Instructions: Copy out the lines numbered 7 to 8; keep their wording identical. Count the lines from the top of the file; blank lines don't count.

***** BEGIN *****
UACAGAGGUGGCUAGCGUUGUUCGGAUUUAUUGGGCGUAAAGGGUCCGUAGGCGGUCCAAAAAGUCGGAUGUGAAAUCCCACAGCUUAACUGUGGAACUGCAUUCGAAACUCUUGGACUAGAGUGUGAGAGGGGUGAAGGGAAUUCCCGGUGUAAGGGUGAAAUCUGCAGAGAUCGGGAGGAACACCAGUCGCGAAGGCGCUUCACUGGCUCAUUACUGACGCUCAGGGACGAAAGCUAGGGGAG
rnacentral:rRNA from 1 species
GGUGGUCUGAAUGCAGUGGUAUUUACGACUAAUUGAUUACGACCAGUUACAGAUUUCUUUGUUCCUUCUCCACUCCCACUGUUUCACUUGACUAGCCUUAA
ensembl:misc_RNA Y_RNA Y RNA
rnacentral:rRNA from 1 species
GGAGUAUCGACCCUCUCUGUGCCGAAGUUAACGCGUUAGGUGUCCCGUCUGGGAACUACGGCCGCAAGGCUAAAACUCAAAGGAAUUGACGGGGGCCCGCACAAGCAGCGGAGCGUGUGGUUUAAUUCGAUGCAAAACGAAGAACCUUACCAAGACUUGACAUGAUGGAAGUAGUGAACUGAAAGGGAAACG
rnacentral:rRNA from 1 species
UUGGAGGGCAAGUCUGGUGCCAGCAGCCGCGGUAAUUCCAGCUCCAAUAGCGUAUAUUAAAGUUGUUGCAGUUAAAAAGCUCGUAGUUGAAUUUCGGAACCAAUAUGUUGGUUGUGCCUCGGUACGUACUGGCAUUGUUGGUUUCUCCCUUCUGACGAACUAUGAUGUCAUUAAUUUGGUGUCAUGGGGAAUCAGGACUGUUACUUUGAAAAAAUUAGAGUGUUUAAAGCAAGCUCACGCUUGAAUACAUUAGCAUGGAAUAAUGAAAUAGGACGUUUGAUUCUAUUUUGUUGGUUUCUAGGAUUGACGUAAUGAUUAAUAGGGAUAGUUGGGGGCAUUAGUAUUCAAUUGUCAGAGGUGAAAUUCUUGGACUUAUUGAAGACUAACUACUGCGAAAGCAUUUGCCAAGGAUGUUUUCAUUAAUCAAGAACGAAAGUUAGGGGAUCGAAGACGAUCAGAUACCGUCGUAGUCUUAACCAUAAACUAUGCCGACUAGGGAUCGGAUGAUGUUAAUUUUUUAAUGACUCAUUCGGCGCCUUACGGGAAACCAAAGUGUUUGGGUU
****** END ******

rnacentral:rRNA from 1 species
UUGGAGGGCAAGUCUGGUGCCAGCAGCCGCGGUAAUUCCAGCUCCAAUAGCGUAUAUUAAAGUUGUUGCAGUUAAAAAGCUCGUAGUUGAAUUUCGGAACCAAUAUGUUGGUUGUGCCUCGGUACGUACUGGCAUUGUUGGUUUCUCCCUUCUGACGAACUAUGAUGUCAUUAAUUUGGUGUCAUGGGGAAUCAGGACUGUUACUUUGAAAAAAUUAGAGUGUUUAAAGCAAGCUCACGCUUGAAUACAUUAGCAUGGAAUAAUGAAAUAGGACGUUUGAUUCUAUUUUGUUGGUUUCUAGGAUUGACGUAAUGAUUAAUAGGGAUAGUUGGGGGCAUUAGUAUUCAAUUGUCAGAGGUGAAAUUCUUGGACUUAUUGAAGACUAACUACUGCGAAAGCAUUUGCCAAGGAUGUUUUCAUUAAUCAAGAACGAAAGUUAGGGGAUCGAAGACGAUCAGAUACCGUCGUAGUCUUAACCAUAAACUAUGCCGACUAGGGAUCGGAUGAUGUUAAUUUUUUAAUGACUCAUUCGGCGCCUUACGGGAAACCAAAGUGUUUGGGUU